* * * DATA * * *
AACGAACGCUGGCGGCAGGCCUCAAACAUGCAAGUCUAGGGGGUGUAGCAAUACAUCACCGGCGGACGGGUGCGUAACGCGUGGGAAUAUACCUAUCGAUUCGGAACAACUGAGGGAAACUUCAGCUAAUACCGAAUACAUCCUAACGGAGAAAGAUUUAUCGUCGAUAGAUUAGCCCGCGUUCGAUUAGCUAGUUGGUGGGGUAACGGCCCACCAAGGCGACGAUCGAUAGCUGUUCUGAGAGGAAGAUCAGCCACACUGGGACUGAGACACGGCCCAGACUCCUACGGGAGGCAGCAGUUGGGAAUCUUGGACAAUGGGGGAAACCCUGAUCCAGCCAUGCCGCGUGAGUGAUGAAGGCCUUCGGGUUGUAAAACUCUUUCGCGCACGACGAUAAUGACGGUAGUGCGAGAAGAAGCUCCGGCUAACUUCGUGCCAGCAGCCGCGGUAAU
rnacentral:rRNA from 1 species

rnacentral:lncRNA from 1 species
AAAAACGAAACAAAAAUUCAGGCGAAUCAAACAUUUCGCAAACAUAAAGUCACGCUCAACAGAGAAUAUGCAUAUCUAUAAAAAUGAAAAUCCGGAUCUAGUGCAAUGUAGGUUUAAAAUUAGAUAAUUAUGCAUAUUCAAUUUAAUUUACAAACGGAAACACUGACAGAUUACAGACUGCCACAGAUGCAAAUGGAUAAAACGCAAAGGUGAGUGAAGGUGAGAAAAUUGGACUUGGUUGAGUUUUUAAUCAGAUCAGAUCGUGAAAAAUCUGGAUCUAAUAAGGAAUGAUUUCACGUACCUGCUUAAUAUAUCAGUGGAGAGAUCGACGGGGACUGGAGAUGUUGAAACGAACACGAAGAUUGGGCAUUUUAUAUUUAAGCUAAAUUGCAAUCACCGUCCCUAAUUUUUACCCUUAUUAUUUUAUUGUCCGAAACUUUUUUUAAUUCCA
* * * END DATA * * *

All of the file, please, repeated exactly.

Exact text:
AACGAACGCUGGCGGCAGGCCUCAAACAUGCAAGUCUAGGGGGUGUAGCAAUACAUCACCGGCGGACGGGUGCGUAACGCGUGGGAAUAUACCUAUCGAUUCGGAACAACUGAGGGAAACUUCAGCUAAUACCGAAUACAUCCUAACGGAGAAAGAUUUAUCGUCGAUAGAUUAGCCCGCGUUCGAUUAGCUAGUUGGUGGGGUAACGGCCCACCAAGGCGACGAUCGAUAGCUGUUCUGAGAGGAAGAUCAGCCACACUGGGACUGAGACACGGCCCAGACUCCUACGGGAGGCAGCAGUUGGGAAUCUUGGACAAUGGGGGAAACCCUGAUCCAGCCAUGCCGCGUGAGUGAUGAAGGCCUUCGGGUUGUAAAACUCUUUCGCGCACGACGAUAAUGACGGUAGUGCGAGAAGAAGCUCCGGCUAACUUCGUGCCAGCAGCCGCGGUAAU
rnacentral:rRNA from 1 species

rnacentral:lncRNA from 1 species
AAAAACGAAACAAAAAUUCAGGCGAAUCAAACAUUUCGCAAACAUAAAGUCACGCUCAACAGAGAAUAUGCAUAUCUAUAAAAAUGAAAAUCCGGAUCUAGUGCAAUGUAGGUUUAAAAUUAGAUAAUUAUGCAUAUUCAAUUUAAUUUACAAACGGAAACACUGACAGAUUACAGACUGCCACAGAUGCAAAUGGAUAAAACGCAAAGGUGAGUGAAGGUGAGAAAAUUGGACUUGGUUGAGUUUUUAAUCAGAUCAGAUCGUGAAAAAUCUGGAUCUAAUAAGGAAUGAUUUCACGUACCUGCUUAAUAUAUCAGUGGAGAGAUCGACGGGGACUGGAGAUGUUGAAACGAACACGAAGAUUGGGCAUUUUAUAUUUAAGCUAAAUUGCAAUCACCGUCCCUAAUUUUUACCCUUAUUAUUUUAUUGUCCGAAACUUUUUUUAAUUCCA